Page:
Justice Balanced With Mercy
7. Describe Jehovah’s merciful dealings with Israel.
7 God’s justice is balanced with mercy. This was clearly demonstrated when the Israelites began to rebel against God’s righteous ways. Listen to Moses’ description of Jehovah’s merciful care for them during their 40 years in the wilderness: “He came to find him in a wilderness land, and in an empty, howling desert. He began to encircle him, to take care of him, to safeguard him as the pupil of his eye. Just as an eagle stirs up its nest, hovers over its fledglings, spreads out its wings, takes them, carries them on its pinions, Jehovah alone kept leading him.” (Deuteronomy 32:10-12) Later, when the nation turned apostate, Jehovah pleaded: “Return, please, from your bad ways and from your bad dealings.”—Zechariah 1:4a.
8, 9. (a) To what extent did God show merciful justice to the Jews? (b) What final calamity overtook them, but what can be said of God’s way of dealing with them?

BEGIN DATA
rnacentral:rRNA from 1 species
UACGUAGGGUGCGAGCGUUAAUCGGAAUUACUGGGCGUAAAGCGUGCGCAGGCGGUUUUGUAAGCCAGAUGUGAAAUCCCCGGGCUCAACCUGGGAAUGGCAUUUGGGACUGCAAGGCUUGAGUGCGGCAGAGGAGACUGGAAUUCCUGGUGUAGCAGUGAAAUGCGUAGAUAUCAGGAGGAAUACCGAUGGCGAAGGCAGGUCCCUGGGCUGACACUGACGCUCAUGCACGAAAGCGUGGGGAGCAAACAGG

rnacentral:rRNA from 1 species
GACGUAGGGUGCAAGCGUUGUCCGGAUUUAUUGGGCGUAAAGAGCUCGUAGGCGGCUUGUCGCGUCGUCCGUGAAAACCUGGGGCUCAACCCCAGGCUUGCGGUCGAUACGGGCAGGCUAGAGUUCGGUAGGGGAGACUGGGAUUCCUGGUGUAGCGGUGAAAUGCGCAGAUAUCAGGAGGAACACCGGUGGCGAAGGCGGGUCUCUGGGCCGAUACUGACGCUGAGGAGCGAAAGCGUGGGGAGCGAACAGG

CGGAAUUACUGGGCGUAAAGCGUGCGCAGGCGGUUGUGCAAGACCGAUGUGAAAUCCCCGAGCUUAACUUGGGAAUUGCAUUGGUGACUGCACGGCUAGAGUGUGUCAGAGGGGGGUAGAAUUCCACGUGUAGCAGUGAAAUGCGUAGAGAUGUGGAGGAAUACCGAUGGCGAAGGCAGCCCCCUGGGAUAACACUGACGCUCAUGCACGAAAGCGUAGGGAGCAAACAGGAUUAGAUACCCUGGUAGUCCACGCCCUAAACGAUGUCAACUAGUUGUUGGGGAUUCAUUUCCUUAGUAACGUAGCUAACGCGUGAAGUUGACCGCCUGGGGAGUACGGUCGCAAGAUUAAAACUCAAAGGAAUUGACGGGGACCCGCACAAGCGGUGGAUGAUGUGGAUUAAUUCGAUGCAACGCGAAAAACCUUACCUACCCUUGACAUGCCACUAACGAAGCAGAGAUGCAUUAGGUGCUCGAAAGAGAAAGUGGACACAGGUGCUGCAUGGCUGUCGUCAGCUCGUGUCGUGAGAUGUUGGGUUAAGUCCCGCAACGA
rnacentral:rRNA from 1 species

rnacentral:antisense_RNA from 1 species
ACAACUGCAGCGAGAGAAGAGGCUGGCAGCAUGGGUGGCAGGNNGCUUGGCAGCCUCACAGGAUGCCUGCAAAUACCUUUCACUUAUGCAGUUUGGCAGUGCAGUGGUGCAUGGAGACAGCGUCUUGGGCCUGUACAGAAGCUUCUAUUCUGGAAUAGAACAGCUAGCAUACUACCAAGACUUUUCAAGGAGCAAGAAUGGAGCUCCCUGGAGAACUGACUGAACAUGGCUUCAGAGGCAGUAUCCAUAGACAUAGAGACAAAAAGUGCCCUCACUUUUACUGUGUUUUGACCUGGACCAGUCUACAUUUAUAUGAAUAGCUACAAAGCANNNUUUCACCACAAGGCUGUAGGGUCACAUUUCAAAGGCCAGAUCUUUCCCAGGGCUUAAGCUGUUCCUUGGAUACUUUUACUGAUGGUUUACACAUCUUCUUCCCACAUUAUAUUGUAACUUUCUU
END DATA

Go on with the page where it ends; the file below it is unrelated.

8 Jehovah’s offer of mercy fell on deaf ears. Through the prophet Zechariah, God said: “They did not listen, and they paid no attention to me.” (Zechariah 1:4b) So God’s merciful justice prompted him to send his only-begotten Son to assist them to return to Him. John the Baptizer introduced God’s Son by saying: “See, the Lamb of God that takes away the sin of the world!” (John 1:29) For several years, Jesus untiringly taught the Jews God’s right ways, performing countless miracles and thus proving that he was the foretold Deliverer. (Luke 24:27; John 5:36) But the people did not listen or believe. Hence, Jesus was moved to exclaim: “Jerusalem, Jerusalem, the killer of the prophets and stoner of those sent forth to her,—how often I wanted to gather your children together, the way a hen gathers her chicks together under her wings! But you people did not want it. Look! Your house is abandoned to you.”—Matthew 23:37, 38.